You’re talking about how the report lists a bunch of incidents, some of which have been public, such as the World Central Kitchen strike, and then it basically says that they’re very concerning, but doesn’t go beyond that?

Well, that’s right. First of all, it only reviews a small number of incidents. It looks at five cases where humanitarian-aid efforts were hit. It looks at five other cases where there were huge numbers of civilian casualties. But if you look at reports that have been provided by independent, credible organizations, such as Amnesty International, Human Rights Watch, and Oxfam, it is clear that the Administration decided not to reach the hard conclusions that the evidence supports.

One confusing aspect of the report is how it acknowledges Israel’s unwillingness to share more information, which it is required to do by N.S.M.-2src, correct? The report itself states, “Israel has not shared complete information to verify whether U.S. defense articles covered under NSM-2src were specifically used in actions that have been alleged as violations of IHL [international humanitarian law] . . . Limited information has been shared to date in response to USG inquiries . . .”

I don’t know that by its own terms N.S.M.-2src requires information sharing. But we should expect that when the United States is providing these weapon systems, we should be able to obtain information on how they’re used because there is an obligation under N.S.M.-2src for the Administration to report to Congress and to the American people on how our weapons are being used. So one of the problems appears to be that the Netanyahu government refuses to provide us with that kind of information, which is a statement in itself.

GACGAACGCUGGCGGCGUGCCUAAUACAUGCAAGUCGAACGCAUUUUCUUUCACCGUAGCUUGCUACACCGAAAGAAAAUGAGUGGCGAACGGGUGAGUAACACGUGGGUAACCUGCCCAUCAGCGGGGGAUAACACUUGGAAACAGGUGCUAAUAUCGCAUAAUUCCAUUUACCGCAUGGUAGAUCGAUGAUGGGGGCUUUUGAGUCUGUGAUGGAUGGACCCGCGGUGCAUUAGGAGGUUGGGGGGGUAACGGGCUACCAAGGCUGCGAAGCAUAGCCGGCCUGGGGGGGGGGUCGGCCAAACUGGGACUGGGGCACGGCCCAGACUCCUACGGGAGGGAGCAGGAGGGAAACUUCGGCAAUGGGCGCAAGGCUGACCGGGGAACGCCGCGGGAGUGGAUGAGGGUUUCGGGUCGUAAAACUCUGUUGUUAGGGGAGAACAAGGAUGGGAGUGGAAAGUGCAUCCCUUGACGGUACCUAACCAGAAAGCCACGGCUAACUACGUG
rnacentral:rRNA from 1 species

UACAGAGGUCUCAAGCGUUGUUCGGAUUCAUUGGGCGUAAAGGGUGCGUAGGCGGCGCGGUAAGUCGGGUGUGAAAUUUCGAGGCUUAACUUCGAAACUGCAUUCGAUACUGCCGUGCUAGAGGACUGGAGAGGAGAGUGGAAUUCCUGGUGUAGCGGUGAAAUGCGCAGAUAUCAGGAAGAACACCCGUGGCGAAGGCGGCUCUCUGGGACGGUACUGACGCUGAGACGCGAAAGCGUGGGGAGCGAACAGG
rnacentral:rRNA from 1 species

Right, N.S.M.-2src says that the “Secretary of State shall: obtain credible and reliable written assurances from a representative of the recipient country as the Secretary of State deems appropriate that the recipient country will use any such defense articles in accordance with international humanitarian law.”

Absolutely. I mean, look, the Administration received assurances in writing from Israel’s Minister of Defense, Yoav Gallant, that our systems would be used in a manner consistent with international humanitarian law, and now we have scores of cases where independent, credible groups have found that they have not been used in that way. The Biden Administration should of course insist on getting that information, and given that Israel has not been forthcoming, clearly you would think it would be harder for the Administration to conclude that the assurances are valid.